‘Tis the season to find reasons to look for differences between people. We are clearly and significantly divided as a nation. This is evidenced by the racial tensions in Ferguson, Missouri and in New York. We are not just divided by race but by sex, religion and class. We look for reasons and excuses to hate one another.

One reason maybe to protect our psyche. If people were of equal value how could we justify allowing so many people to be poor. How could we justify spending ten bucks for a movie when a child doesn’t have enough to eat.

The Fraternity of the Soul Eater talks about DNA and genetics. There are few differences between us. We share 50% of our genetic make-up with a banana. We share well in excess of 90% of our genes with a chimpanzee and well over 99% with each other. At a cellular level we are not that different.

We look for differences between us. We intentionally seek evidence to support the position that we are special. Is the color of our skin significant? What about religion? Christianity incorporates Judaism.  Islam incorporates Jesus and Moses within the construct of their religion. Is it all that different? Are we special because of who our parents are or what country we live in.

There is nothing wrong with wanting to be special. In fact we are all individuals and we are all special. It is alright  to celebrate individuality and acknowledge differences between us. Yet, not at the expense of others. Being special does not make someone else less special.

It is alright to hate an individual. If a person is awful no matter the season feel free to hate them. It is not alright to extrapolate based on an individual’s behavior hatred of a group. Perhaps the need to judge a person quickly is instinctual. Our ancestors would need to determine if a person or animal was dangerous in a split second. When safety and life and death are on the line you didn’t have the luxury of giving someone the benefit of the doubt. Yet, the times have changed. We are no longer cavemen living in groups and tribes.Today we can take the time to get to know one another.

So this holiday season why not aim for peace on earth and goodwill to everyone. Let’s put our differences aside. After all we are a lot more alike than different. Also, a book by Scott A. Lerner makes a great holiday gift.

D.C. vs. Marvel

When I was a kid people actually read comic books. They were not so much collected as enjoined. They did not cost $3.99 a piece either. That is an amount equal to the cost of downloading a novel on kindle. There was no Comic Con and most of the movies were not expensively produced. All in all the movies were not much better than a television show in production quality.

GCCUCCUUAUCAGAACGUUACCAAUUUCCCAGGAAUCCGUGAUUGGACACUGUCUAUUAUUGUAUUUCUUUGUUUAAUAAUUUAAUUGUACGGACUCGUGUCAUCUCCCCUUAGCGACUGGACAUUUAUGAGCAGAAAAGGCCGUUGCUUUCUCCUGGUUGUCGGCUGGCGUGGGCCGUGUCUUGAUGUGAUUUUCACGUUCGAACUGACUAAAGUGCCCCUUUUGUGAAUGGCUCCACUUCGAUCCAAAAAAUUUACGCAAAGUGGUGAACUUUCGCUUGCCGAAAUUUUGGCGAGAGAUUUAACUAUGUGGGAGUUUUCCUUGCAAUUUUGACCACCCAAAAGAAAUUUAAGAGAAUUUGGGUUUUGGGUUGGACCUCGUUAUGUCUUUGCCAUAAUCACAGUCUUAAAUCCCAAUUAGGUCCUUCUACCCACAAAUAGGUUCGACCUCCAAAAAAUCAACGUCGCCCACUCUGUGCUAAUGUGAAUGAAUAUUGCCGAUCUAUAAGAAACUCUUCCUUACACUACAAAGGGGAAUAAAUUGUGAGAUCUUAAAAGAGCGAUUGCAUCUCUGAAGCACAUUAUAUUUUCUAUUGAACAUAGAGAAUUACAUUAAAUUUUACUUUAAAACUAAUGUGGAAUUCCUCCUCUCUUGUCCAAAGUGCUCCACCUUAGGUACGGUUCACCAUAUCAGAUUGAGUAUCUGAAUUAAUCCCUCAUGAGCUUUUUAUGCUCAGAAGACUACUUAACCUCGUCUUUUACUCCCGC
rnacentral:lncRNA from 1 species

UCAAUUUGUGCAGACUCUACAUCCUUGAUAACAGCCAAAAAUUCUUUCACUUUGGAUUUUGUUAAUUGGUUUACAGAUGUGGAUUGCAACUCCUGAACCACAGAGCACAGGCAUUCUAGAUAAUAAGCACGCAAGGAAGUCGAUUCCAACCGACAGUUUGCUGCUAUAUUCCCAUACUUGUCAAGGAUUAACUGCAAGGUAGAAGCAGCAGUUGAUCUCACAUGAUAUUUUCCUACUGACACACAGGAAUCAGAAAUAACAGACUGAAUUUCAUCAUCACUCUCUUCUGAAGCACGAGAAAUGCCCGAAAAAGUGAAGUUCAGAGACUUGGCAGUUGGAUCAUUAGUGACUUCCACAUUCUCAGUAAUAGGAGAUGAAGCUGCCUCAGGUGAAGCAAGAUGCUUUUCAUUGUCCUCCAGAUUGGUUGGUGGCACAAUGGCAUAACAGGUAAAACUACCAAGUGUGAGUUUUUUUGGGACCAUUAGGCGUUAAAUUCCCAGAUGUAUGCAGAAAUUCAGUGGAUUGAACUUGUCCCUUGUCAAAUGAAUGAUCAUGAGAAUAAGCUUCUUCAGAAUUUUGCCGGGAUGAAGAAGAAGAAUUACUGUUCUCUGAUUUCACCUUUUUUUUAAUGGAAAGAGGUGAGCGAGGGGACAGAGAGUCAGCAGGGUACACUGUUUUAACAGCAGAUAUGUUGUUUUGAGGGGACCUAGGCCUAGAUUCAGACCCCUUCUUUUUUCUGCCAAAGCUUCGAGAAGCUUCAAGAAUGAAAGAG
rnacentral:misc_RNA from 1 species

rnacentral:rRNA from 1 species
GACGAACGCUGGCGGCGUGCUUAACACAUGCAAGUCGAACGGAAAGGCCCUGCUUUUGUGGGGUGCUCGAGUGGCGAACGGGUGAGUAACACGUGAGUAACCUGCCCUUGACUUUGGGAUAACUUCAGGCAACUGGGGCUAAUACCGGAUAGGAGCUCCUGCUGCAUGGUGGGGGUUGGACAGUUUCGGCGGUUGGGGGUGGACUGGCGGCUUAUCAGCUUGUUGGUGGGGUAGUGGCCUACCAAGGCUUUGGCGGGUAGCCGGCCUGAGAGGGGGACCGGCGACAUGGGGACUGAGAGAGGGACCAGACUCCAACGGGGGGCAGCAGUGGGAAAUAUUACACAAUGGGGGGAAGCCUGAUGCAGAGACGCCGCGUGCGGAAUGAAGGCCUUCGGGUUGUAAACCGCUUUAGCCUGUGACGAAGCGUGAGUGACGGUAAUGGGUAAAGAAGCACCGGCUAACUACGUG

The big debate at the time was D.C. vs. Marvel. Mind you a marvel comic was twenty-five cents when a Detective Comics (That is what DC stands for) were only twenty. I was one of those people willing to pay an extra nickle for Marvel. D.C. was more my father’s comic book.

Now with zillions of dollars invested in superhero movies the debate continues, Marvel or D.C., who is better? Marvel was bought out by Disney. Thus, Marvel has an endless supply of money for movie production. That being said D.C. has not produced cheap movies either.

The two best comic movies from recent times have been Iron Man (Marvel) and Batman Begins (D.C.). Both dark, well acted and well directed. Both companies have made some dreadful decisions as well, Green Lantern (D.C.) and the Fantastic Four (Marvel) are both awful movies. Both companies have the potential to make good and bad movies.

Who will win the war of the movies? The answer is Marvel. They will make more movies overall and as a result will wind up with some bad flicks. Yet, they have more to work with overall.

The principal horse in the D.C. stable is Superman. Superman is great, he saved America from the Japanese, the Nazi’s and Lex Luther. Yet, his time has come and gone. He is simply too powerful. I never fear for his safety no matter what the circumstance. I cant’t empathize with perfection. He is too clean cut too all American. Not to mention his America is not my America. I world of newspaper reporters

In addition what kind of Superhero fights Lex Luther? A villain with no super powers? Not to mention Superman III was painful to watch. The idea of going back in time to undo any problems made me wonder why I watched the beginning of the movie (although time travel worked in X-men -Days of Future Past).

Superman just does not work as a central character. He is simply too perfect. Thus I am not very hopeful for Batman v.s. Superman. Wonder Woman also suffers from the same flaws as Superman. She is from another time. Her powers are too “super”.

Marvel on the other hand has a larger stable with more interesting characters because they are flawed. After all, Iron Man is just a man with a heart condition. His moral character is not perfect. Dr. Strange has some potential. There was a Dr. Strange movie in 1978 that was actually interesting if not poorly made (It was the 70’s before CGI). Marvel has also done well without their biggest characters. Sure X-men and the Avengers are big but they have also succeeded with Iron Man, Guardians of the Galaxy, and Thor.

Daredevil, is another great flawed character. Sure the 2003 movie wasn’t good. Perhaps
Ben Affleck was not the best choice. The movie was missing something. Yet, the idea should work. Daredevil has his own vendetta. His father, a boxer, was killed by a mobster for not taking a dive. He is a blind lawyer. Hell that alone would make you bitter.

Spider-man also is a good character. It is great to see a teenager as a hero and not a side kick. Yes, they have made some bad spider-man movies. I wonder why we need to reload his origin every few years when there are plenty of comic plots to choose from. If I was Marvel I would put Peter Parker on the back burner for at least ten years. He will come back stronger.

D.C. has made some gritty movies. Batman was great. Green Arrow’s ward Speedy was addicted to heroin (in the comic not the movie) that is gritty. The Watchman is very dark and their 2009 movie was interesting. Yet, overall Marvel has more of the feel of desperation and darkness that fits with our modern society. Marvel is a better match for today.